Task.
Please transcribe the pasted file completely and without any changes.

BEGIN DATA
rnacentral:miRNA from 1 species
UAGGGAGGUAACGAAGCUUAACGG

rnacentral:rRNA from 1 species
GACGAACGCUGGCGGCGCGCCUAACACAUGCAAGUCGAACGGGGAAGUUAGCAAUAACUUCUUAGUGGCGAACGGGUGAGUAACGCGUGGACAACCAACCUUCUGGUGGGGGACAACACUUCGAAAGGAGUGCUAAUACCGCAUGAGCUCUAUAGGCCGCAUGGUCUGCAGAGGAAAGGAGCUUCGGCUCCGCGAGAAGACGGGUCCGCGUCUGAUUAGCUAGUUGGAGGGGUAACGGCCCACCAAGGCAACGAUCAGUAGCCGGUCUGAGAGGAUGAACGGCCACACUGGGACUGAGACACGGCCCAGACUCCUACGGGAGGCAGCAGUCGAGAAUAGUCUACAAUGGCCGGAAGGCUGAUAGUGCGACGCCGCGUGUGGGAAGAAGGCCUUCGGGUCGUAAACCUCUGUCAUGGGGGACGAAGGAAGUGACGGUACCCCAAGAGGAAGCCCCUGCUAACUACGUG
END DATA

rnacentral:miRNA from 1 species
UAGGGAGGUAACGAAGCUUAACGG

rnacentral:rRNA from 1 species
GACGAACGCUGGCGGCGCGCCUAACACAUGCAAGUCGAACGGGGAAGUUAGCAAUAACUUCUUAGUGGCGAACGGGUGAGUAACGCGUGGACAACCAACCUUCUGGUGGGGGACAACACUUCGAAAGGAGUGCUAAUACCGCAUGAGCUCUAUAGGCCGCAUGGUCUGCAGAGGAAAGGAGCUUCGGCUCCGCGAGAAGACGGGUCCGCGUCUGAUUAGCUAGUUGGAGGGGUAACGGCCCACCAAGGCAACGAUCAGUAGCCGGUCUGAGAGGAUGAACGGCCACACUGGGACUGAGACACGGCCCAGACUCCUACGGGAGGCAGCAGUCGAGAAUAGUCUACAAUGGCCGGAAGGCUGAUAGUGCGACGCCGCGUGUGGGAAGAAGGCCUUCGGGUCGUAAACCUCUGUCAUGGGGGACGAAGGAAGUGACGGUACCCCAAGAGGAAGCCCCUGCUAACUACGUG